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Ammunition Types and Characteristics

Ammunition Types and Characteristics.

  1. Cartridge, 5.56-mm, Ball, M193. The M193 cartridge is a center-fire cartridge with a 55-grain, gilded metal-jacketed, lead alloy core bullet. The M193 round is the standard cartridge for field use with the M16A1 rifle and has no identifying marks.
  2. Cartridge, 5.56-mm, Tracer, M196. (Used in the M16A1 rifle) The M196 cartridge has a red or orange painted tip. Its main uses are for observation of fire, incendiary effect, and signaling. Soldiers should avoid long-term use of 100 percent tracer rounds, which could cause deposits of incendiary material, or chemical compounds that could damage the barrel. Therefore, when tracer rounds are fired, they are mixed with ball ammunition in a ratio of no greater than one-to-one with a preferred ratio of three or four ball rounds to one tracer round.
  3. Cartridge, 5.56-mm, Dummy, M199. (Used in all rifles.) The M199 dummy cartridge is used during dry firing and other training. This cartridge can be identified by the six grooves along the sides of the case beginning about 1/2 inch from its tip. It contains no propellant or primer. The primer well is open to prevent damage to the firing pin.
  4. Cartridge, 5.56-mm, Blank, M200. (Used in all rifles.) The M200 blank cartridge has no projectile. The case mouth is closed with a seven-petal rosette crimp and shows a violet tip.
  5. Cartridge, 5.56-mm, Ball, M855. (Used in the M16A2/3/4 and M4-series weapons.) The M855 cartridge has a 62-grain, gilded metal-jacketed, lead alloy core bullet with a steel penetrator. The primer and case are waterproof. This round is also linked and used in the M249. It has a green tip. This ammunition should not be used in the M16A1 except under emergency conditions, and only at targets less than 90 meters in distance. (The twist of the M16A1 rifling is not sufficient to stabilize the heavier projectile of the round).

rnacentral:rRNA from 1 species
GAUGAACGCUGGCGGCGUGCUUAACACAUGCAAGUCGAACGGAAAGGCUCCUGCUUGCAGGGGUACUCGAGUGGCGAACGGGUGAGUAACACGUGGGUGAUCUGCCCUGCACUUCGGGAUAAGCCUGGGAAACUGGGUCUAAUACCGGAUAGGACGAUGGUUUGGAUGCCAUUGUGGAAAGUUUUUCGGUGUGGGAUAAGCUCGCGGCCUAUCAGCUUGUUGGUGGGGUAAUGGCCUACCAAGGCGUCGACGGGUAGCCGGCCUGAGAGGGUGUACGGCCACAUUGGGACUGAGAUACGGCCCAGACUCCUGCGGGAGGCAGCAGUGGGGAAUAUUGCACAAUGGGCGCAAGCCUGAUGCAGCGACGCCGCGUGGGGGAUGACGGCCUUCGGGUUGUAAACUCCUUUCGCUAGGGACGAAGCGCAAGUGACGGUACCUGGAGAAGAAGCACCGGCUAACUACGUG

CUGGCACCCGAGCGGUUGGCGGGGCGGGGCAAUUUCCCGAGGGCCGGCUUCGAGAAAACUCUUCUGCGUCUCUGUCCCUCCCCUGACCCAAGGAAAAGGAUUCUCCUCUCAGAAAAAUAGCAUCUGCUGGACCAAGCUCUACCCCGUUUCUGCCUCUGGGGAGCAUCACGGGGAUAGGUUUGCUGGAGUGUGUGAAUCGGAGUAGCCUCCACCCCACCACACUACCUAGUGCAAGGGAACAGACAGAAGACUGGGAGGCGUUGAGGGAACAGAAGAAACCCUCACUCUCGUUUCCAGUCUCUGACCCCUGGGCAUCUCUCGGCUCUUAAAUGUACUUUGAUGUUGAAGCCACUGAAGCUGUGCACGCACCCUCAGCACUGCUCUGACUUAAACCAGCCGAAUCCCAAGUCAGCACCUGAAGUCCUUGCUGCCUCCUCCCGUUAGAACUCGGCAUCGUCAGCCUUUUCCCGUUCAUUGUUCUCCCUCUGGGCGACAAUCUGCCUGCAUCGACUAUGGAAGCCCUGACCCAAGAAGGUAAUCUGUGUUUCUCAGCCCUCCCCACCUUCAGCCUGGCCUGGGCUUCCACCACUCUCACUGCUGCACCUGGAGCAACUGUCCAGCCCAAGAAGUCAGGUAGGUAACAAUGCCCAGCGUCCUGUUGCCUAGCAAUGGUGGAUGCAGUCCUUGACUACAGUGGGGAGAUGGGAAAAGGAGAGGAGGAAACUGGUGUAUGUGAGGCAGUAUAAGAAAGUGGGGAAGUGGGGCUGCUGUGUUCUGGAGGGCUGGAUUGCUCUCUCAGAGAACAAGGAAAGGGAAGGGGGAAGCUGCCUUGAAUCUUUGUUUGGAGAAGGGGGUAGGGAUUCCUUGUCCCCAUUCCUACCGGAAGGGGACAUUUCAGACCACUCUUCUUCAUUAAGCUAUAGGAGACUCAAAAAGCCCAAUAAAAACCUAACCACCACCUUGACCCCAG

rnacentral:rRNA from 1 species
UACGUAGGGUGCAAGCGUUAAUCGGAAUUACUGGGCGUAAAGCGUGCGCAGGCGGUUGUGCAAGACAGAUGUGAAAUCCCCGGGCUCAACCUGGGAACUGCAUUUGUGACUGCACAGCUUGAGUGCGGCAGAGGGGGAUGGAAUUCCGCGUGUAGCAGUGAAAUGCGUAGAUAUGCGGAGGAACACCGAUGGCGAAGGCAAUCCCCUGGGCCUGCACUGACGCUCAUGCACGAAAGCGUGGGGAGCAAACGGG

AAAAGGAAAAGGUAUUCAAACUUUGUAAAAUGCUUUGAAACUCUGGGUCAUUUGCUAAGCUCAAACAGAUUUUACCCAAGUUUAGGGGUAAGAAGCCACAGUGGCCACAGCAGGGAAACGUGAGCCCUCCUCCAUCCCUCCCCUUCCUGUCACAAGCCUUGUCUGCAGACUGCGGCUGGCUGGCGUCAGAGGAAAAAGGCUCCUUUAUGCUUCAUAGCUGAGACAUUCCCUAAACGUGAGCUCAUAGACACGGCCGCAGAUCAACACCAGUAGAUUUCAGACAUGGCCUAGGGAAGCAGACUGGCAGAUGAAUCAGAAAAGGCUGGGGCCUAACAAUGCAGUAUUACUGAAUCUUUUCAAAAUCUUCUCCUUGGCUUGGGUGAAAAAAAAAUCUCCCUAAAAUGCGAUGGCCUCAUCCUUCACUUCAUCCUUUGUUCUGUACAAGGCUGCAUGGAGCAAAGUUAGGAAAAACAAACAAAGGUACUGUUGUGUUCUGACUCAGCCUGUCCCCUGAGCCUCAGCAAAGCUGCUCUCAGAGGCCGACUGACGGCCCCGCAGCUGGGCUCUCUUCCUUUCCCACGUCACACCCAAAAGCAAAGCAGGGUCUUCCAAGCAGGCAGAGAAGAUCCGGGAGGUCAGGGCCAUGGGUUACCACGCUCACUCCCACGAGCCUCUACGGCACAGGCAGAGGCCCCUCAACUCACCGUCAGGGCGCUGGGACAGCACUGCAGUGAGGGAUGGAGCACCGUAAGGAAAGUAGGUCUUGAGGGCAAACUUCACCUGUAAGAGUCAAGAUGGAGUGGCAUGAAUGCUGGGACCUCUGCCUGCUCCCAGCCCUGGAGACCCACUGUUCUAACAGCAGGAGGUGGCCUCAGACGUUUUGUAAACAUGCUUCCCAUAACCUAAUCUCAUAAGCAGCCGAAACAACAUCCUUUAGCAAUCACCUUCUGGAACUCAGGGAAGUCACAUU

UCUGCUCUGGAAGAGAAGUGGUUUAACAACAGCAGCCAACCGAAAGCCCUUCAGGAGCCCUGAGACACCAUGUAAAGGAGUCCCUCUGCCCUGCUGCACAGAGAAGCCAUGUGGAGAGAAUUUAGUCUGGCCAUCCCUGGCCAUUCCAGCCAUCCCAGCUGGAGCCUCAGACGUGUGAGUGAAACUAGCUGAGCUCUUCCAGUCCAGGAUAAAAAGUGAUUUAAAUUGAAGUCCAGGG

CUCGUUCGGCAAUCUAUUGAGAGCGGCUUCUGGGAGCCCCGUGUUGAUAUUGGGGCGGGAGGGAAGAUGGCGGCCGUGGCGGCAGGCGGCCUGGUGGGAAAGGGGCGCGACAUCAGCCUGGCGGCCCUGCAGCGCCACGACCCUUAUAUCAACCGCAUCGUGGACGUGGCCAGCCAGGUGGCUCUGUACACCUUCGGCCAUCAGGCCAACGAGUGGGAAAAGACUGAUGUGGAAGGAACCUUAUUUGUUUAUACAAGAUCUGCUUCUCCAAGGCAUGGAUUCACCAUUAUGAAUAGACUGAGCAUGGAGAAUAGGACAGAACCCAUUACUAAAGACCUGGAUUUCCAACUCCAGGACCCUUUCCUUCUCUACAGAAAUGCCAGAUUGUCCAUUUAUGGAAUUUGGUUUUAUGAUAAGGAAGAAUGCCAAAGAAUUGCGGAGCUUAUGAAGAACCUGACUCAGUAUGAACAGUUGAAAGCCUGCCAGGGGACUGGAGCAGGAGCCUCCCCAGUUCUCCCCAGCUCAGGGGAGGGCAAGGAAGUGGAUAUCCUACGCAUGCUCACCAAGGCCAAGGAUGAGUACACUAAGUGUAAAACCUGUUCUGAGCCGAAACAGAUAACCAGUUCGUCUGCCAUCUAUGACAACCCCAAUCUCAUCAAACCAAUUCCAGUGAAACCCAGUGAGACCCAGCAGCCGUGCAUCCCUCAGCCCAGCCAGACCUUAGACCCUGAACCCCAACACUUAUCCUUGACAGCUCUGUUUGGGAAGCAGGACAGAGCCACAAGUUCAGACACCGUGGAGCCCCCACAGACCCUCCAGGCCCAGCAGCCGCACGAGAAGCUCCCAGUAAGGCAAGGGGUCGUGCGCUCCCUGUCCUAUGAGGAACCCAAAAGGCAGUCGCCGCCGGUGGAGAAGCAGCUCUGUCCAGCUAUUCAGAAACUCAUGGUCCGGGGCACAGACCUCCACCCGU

6. Cartridge, 5.56-mm, Tracer, M856. (Used in the M16A2/3/4 and M4-series weapons.) The M856 tracer cartridge has characteristics similar to the M196 tracer with a slightly longer tracer burnout distance. This cartridge has a 63.7-grain bullet. The M856 does not have a steel penetrator. It has a red tip (orange when linked 4 to 1 for the M249). This ammunition should not be used in the M16A1 except under emergency conditions, and only at targets less than 90 meters in distance. (The twist of the M16A1 rifling is not sufficient to stabilize the projectile of the heavier ammunition).
  7. Cartridge, 5.56-mm Short-Range Training Ammunition (SRTA), M862. (Used in all rifles.) The M862 SRTA is designed exclusively for training. It can be used in lieu of service ammunition on indoor ranges and by units that have a limited range fan that does not allow the firing of service ammunition. SRTA ammunition must be used with the M2 training bolt.
  8. Although SRTA closely replicates the trajectory and characteristics of service ammunition out to 25 meters, it should not be used to set battle sight zero of weapons to fire service ammunition. The settings that are placed on the sights for SRTA could be different for service ammunition.
  9. If adequate range facilities are not available for sustainment training, SRTA can be used for any firing exercise of 25 meters or less. This includes the 25-meter scaled silhouette, 25-meter alternate qualification course, and quick-fire training. SRTA can also be used for Urban Operations training.

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